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Tom Douglas

You can’t go far in Seattle without running into one of the14 restaurants launched by chef Tom Douglas and his wife and business partner, Jackie Cross—from the long-adored Dahlia Lounge (opened in 1989) and Etta’s (named for their daughter) to modern American Asian TanakaSan, and Scandinavian-inspired lounge Ändra Loft. There’s even a market and deli, Home Remedy, in the mix, should you need to pick up some Indian street food, a growler of beer, or a bouquet of flowers.

 
Digging in to Seattle’s Pike Place Market, and establishing relationships with Pacific Northwest farmers, Douglas has brought the best of the region’s produce to the table, including Copper River salmon and Pacific squid, morel mushrooms, and Washington goat’s-milk cheese. A 1994 James Beard Award winner for Best Northwest Chef, Douglas became a farmer in 2006, when he and Cross (the “Farmer-in-Chief”) bought land in the Yakima Valley. Today, they harvest 50,000 pounds of produce a year for their restaurants.

A 2005 winner of Food Network’s Iron Chef, Douglas has also shared his recipes with fans in four cookbooks: Tom Douglas’ Seattle Kitchen (2001), Tom’s Big Dinners (2003), I Love Crab Cakes (2006), and The Dahlia Bakery Cookbook (2012). Together with friend and chef Thierry Rautureau (café Luc), he gives listeners the lowdown on the Pacific Northwest food scene in their long-running weekly radio show on KIRO, “In the Kitchen with Tom and Thierry,” which then evolved into “Seattle Kitchen.”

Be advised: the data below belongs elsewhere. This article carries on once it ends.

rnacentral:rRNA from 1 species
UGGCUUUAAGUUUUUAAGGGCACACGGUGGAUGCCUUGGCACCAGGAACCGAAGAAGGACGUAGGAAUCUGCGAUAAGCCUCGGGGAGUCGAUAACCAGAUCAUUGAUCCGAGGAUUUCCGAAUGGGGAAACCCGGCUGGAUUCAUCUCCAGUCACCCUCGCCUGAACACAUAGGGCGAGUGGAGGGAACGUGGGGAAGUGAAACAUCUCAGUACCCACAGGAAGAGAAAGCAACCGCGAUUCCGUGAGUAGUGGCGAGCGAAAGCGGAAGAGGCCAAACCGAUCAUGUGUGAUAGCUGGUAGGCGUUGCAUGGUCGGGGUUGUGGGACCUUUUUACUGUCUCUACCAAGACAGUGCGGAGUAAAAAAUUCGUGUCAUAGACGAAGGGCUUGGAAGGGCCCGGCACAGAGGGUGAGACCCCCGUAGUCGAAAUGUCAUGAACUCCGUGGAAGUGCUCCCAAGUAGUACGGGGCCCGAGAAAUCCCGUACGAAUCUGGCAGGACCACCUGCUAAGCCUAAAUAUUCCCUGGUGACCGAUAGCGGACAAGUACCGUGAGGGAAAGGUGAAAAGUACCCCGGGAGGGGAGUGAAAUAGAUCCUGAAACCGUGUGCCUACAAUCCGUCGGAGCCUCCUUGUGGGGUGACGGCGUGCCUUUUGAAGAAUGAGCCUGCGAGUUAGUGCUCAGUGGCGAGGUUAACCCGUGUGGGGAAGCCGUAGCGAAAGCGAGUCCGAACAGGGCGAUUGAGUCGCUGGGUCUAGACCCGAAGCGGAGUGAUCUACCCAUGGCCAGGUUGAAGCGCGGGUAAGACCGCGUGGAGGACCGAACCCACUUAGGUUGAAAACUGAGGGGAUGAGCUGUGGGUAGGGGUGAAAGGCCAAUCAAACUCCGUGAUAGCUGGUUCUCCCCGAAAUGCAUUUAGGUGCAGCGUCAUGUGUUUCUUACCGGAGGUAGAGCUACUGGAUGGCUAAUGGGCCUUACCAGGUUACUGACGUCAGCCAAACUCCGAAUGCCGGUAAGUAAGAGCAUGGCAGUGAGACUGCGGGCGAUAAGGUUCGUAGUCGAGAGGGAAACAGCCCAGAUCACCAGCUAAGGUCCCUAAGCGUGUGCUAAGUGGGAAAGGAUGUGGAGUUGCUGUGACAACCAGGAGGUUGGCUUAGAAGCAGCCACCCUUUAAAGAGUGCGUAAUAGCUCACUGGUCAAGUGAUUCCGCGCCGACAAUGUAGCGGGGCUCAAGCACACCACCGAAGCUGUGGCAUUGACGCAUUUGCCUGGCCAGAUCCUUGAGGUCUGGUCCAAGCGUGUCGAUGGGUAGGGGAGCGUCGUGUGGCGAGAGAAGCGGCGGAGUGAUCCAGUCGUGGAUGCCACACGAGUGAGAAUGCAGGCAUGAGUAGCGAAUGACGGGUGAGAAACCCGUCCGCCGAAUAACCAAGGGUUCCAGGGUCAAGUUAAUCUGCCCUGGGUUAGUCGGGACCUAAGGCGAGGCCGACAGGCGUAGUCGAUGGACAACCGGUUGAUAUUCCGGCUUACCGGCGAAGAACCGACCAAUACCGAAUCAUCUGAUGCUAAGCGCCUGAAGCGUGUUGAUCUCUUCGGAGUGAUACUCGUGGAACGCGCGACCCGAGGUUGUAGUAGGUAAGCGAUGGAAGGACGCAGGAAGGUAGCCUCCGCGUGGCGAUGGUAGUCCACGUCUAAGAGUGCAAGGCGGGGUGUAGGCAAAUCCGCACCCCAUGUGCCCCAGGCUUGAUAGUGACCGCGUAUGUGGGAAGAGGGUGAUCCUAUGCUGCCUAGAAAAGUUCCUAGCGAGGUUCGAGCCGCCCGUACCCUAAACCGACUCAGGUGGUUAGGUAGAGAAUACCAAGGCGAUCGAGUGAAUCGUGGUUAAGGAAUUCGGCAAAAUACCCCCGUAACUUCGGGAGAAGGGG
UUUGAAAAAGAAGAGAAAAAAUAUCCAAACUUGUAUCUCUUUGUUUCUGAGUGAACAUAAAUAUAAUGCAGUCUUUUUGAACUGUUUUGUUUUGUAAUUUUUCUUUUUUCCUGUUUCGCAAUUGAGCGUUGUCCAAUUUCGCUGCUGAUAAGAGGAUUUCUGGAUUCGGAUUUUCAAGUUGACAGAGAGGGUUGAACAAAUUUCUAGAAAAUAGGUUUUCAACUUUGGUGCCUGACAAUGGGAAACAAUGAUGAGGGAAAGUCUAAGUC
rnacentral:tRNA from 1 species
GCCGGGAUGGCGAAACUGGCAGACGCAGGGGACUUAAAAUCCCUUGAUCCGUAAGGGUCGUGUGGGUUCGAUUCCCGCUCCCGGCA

Douglas serves on the board for nonprofit Food Lifeline, which provides food banks, hot meal programs, and shelters in western Washington, and has helped the Seattle Public Schools system design a more nutritious lunch program. He’s even combined seafood and civic spirit, participating in an event to raise money for city parks, called, in very Douglas fashion, Salmon Chanted Evening.

Next up for Douglas, a Belltown cantina, whose name-in-progress is The Lonesome Stranger.